Tenured Breast Cancer Student- Noelle

Tenured Breast Cancer Student- Noelle

I only regret the life I won’t get to live.
Noelle Student Yearbook.jpg

Name: Noelle Gray

Age at Enrollment: 35 (47 now)

Major: Metastatic Breast Cancer

Photo credit: Ryan Swift

Photo credit: Ryan Swift

Primary symptoms you had experienced prior to diagnosis:
NONE. The doctors asked me how I knew. I didn’t. Just a strong feeling I needed to have a mammogram.

What symptom(s) lead you to go to the doctor?

NONE. I’d asked my gyno for a year to send me for a mammo. He refused. After a year he FINALLY consented and breast cancer was found on my baseline mammo.

What did you think you understood about cancer prior to your own diagnosis?

That a diagnosis meant death. I watched a friend, Susan, wither away and die. I watched a girl in college who had beautiful long, red hair come to classes during treatment. Then one day she stopped coming to class. I understood that cancer can rob you of the things that are important to you. It can change what’s important to you. I understood that people with cancer needed to have very good support. I learned (through Susan) the best way to support someone is to make them forget their troubles and laugh.

What (if anything) was different about what you thought you knew about cancer after your diagnosis?
I resisted “the new normal” for years. Because there is a new normal after cancer, and you have to define what that is for yourself.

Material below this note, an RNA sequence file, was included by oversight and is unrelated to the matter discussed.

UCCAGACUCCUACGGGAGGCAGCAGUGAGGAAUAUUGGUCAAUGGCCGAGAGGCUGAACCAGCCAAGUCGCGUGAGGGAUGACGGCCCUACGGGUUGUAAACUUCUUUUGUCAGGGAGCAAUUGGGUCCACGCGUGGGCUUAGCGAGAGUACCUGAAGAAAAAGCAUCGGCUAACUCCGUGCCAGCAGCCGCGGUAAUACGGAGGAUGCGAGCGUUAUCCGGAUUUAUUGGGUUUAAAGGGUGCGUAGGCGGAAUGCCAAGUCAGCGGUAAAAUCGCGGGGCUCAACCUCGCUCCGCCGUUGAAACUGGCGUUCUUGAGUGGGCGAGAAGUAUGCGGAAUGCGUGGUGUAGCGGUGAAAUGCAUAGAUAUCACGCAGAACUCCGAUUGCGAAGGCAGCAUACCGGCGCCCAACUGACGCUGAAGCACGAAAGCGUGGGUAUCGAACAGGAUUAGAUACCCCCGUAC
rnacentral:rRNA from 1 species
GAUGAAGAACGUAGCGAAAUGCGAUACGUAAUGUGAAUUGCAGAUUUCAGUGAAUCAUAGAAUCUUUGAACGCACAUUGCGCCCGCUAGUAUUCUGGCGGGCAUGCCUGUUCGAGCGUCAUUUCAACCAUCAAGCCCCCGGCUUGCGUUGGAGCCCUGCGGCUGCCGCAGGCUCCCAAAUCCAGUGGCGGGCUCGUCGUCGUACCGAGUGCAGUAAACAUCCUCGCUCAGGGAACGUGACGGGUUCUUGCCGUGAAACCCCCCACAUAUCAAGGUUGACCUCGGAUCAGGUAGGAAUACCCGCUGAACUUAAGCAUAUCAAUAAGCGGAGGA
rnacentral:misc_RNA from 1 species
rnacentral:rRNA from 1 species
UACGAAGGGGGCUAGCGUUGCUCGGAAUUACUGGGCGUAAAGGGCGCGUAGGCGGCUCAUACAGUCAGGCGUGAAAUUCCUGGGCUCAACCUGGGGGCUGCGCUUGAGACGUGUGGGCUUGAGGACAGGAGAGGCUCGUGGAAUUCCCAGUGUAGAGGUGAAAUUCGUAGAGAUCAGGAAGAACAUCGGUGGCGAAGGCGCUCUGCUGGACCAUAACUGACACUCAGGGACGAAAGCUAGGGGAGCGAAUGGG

I thought doctors took care of the human patient. They just took care of the disease without much consideration for the human.

Courses completed:
Medistinoscopy, bilateral mastectomy and lymph node removal, reconstruction, IV chemo, Pill chemo, IM shot chemo, chest radiation, brain radiation, cyberknife, brain operation x2, constant MRIs, CT/PET, xrays.

What you’d like other men (and women) to know about your specific type of cancer, or cancer in general:
Cancer comes in as many forms as there are people who have it. There is no cure. If you’re really lucky there may be a remission. Once you have cancer there is always a fear of it coming back. When people say they’ll pray for me it pisses me off for its insincerity.

Photo credit: Voon Chew

Photo credit: Voon Chew

Any helpful tips or tricks for other people navigating a diagnosis?
Find/Have a team you like. Do not be afraid to fire the doctors (screw their egos). Be your own advocate. Study. Find a good support group. Allow yourself to cry. Allow yourself to rage. Allow yourself to ask for and accept help. Don’t give your spoons/energy to people who don’t deserve you. You get one life. Live it. Allow yourself to rest.

Anything you wished you knew prior to diagnosis?
That having chest radiation would be the plastic surgeon’s excuse for doing a reckless and damaging job on my second implants.

Has a cancer diagnosis changed your outlook on life? If so, how?
I only regret the life I won’t get to live.

Do you experience anxiety related to your cancer diagnosis? If so, any advice or tips on how to manage it?
TONS of anxiety. The medications didn’t work for me. I’ve tried every med given or suggested. I can’t sleep.


Did you learn anything about yourself?
I’ve been in many performing art forms: comedy imrov, acting, drawing, photography, dance and swing dance, teaching swing dance, DJing, stand up comedy.
I learned: Laughing at terminal cancer won’t kill ya!

I also learned: I don’t like the term “fighter” or “war” or “she lost her battle” I have cancer. It is part of me. To say it’s a war implies I am at war with myself. And I am not.

Cancer is like a passenger in a car. Sometimes it sits quietly in the back, sometimes it back seat drives, sometimes it the passenger, and sometimes it’s the driver. No matter what, I feel like I’m driving on flat tires, but at least I’m moving forward.
Cancer might kill me some day- But NOT TODAY!


Check out Noelle online!